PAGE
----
To continue that into this campaign has been something else. For a start, the team's most feted player, Kevin Volland, finally upped sticks to Bayer Leverkusen at the start of the season, and the squad is not exactly a galaxy of stars.
"Being top-half would have been a great first (full) season for him with Hoffenheim," Rhind-Tutt added. "This, given the squad he has at his disposal, has been extraordinary."
Getting the best out of those seen as average Bundesliga players, like Sandro Wagner, Kerem Demirbay and Kevin Vogt, has been key; not forgetting Andrej Kramaric, a player who Claudio Ranieri thought wasn't good enough for Leicester but who has scored 15 and assisted eight in this league campaign.
So when we look at Nagelsmann's most important attributes beyond the headlines, an ability to relate has to be one of the foremost.
He told Suddeutsche Zeitung in an interview earlier this season (h/t the Guardian's Raphael Honigstein) that he believed coaching was "30 per cent tactics, and 70 per cent social competence," and his success in creating such a well-drilled unit, well beyond the sum of its parts, is evidence of his mastery of the latter clause of this summation.
Nagelsmann's skill is not just restricted to getting inside the heads of younger players. Wagner, a sometimes-divisive figure who, at 29, has been around the block a few times since graduating from Bayern's academy, has responded brilliantly to a man just four months his senior. Primarily known as an irritant in previous years, the centre-forward became considered as a genuine contender for a Germany call-up even ahead of his eventual selection for the Confederations Cup squad.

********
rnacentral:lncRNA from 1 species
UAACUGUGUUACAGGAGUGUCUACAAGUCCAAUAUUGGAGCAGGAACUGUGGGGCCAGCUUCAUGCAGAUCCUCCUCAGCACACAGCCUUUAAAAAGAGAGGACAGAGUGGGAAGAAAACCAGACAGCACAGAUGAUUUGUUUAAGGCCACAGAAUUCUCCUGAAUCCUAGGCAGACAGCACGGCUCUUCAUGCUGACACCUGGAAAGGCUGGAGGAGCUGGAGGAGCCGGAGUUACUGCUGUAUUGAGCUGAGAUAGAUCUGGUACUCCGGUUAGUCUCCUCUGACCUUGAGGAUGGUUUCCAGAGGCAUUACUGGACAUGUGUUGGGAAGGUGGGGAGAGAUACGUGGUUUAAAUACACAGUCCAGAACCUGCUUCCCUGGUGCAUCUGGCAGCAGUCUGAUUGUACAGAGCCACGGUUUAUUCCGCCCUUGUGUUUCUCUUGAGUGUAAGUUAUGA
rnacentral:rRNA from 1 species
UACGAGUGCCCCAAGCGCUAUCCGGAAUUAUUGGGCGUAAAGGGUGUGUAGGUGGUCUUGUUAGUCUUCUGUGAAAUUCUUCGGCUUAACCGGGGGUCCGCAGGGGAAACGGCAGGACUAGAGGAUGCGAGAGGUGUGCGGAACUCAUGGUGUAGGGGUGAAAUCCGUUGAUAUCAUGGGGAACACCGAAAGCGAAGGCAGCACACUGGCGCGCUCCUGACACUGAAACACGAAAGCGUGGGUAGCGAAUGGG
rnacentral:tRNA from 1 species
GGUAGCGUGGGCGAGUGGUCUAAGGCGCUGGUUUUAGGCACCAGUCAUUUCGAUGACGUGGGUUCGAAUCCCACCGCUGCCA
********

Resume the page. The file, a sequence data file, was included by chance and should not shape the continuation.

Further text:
That, and his tactical ability—adapting to the players' strengths, rather than being too dogmatic—reinforce the truth that this is no overnight success. If Nagelsmann is indeed the "Baby Mourinho" referred to by former Hoffenheim goalkeeper Tim Wiese, as per Bundesliga.com, then Dortmund's Thomas Tuchel is his Sir Bobby Robson.
When Nagelsmann was forced to retire from playing at 20 due to injury, the then-Augsburg II coach Tuchel kept Nagelsmann in the fold as an opposition scout. Since then, he has spent the best part of a decade working his way up.
There is no lack of irony, then, in that the pupil could still deny the master on the final day of a strange and confusing Bundesliga season. Much of Nagelsmann's tactical pragmatism mirrors that of Tuchel; pressing when out of possession, but conversely not shy to force the issue when controlling the ball either.
It's one of the many reasons why the Champions League is set to be the first step in the young coach's rise, rather than the pinnacle.
"I can't see him being at Hoffenheim past next summer," Rhind-Tutt told us, "and I wouldn't be surprised if he ends up at Bayern Munich thereafter, such has been the lack of progress made under Carlo Ancelotti."
There is a stage still to go before that, of course, and Nagelsmann knows that, being patient rather than impetuous, despite his age.
"Such is his level-headed analysis of everything, I'm sure he would admit himself that he has things to learn next season, particularly dealing with the different challenges that come with playing European football with a club like Hoffenheim," Rhind Tutt-continued.
Few would back against him learning those lessons quickly.